Tuesday, 16 February 2016 19:47

Asymmetric Combat Polygons

Asymmetric Conflict Polygons

Uncertainty in games can come from either building in randomness with dice or shuffled cards or some other sortilege procedure; or from scenarios where players lack information about their opponent’s intentions.

Simultaneous Play often yields a system that models real life scenarios rather well. In this, the players secretly record their intended plays and then all reveal their orders and compare them to see what happens. The game of ‘Diplomacy’ which simulates the political alliances and military balances in Europe from 1900 onwards provides a classic example of a game based on simultaneous play with concealed intentions. Only rarely does peace prevail until 1914.

Some people find the use of dice or some other random mechanism unappealing as it can make the best laid plans come to nothing for no reason except bad luck, and it prevents any detailed analysis of a game afterwards.

The game of Scissors-Paper-Stone, sometimes called ‘Roshambo’, may well originate from the Han Dynasty era in China. It has attracted a considerable amount of study and competitive play, and computer algorithms exist against which humans can play. Although no strategy can consistently beat purely random play, competitions and algorithms remain interesting because few people can consistently play randomly and a good player or algorithm can anticipate the non-random choices of an opponent based on their previous choices.

Nevertheless the game remains rather trivial although the principle has become incorporated into some games to settle combats between pieces, for example in hand to hand conflict, Parry and Thrust beats Lunge, Lunge beats Slash, and Slash beats Parry and Thrust, or something like that. To a very simple approximation circa 1805, Artillery beats Infantry, Infantry beats Cavalry, and Cavalry beats Artillery.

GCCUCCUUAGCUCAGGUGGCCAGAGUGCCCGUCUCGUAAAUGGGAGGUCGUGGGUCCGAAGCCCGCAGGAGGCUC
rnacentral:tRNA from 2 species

Such a system of conflict resolution leads to a quick and easy type of duelling done with hand gestures, or with cards selected and put forward and then exposed. Yet in its simple form it seems little better than using dice. However by using something a little more sophisticated than a simple symmetrical triangle of outcomes we can create a facility for meaningful tactical choices with some uncertainty of outcome.

Consider the virtues of Asymmetric Conflict Polygons. An Hexagonal one appears below.

In this the six choices can represent any tactic from the exchange of fire between starships to the exchange of spells in a magical duel. The arrows between tactical choices show which choice wins and the weight of the arrow can show by how much. Each player in the duel has six cards marked with the tactical choices and both draw a card and then they simultaneously expose them and find the result. The asymmetries in the chart make some choices more favourable than others, depending on the powers of the pieces involved, however obviously the opponent will appreciate this.

The actual chart shown has the design feature that no choice offers guaranteed immunity from a full hit, but some choices offer greater chances of some kinds of hits.   

 

We could display the information on such a polygon with a simple 6 x 6 chart, however the polygon itself gives a much easier to use representation of the effect of one tactical choice upon another and the opportunities for second guessing the opponent.

Conflict polygons can also model the effects of offensive against defensive tactics where the attacker draws an attack tactic card and the defender draws a defensive tactic card.

In solo play an asymmetric polygon can allow the player to compete with intelligent choices against random choices generated by dice rolls. 

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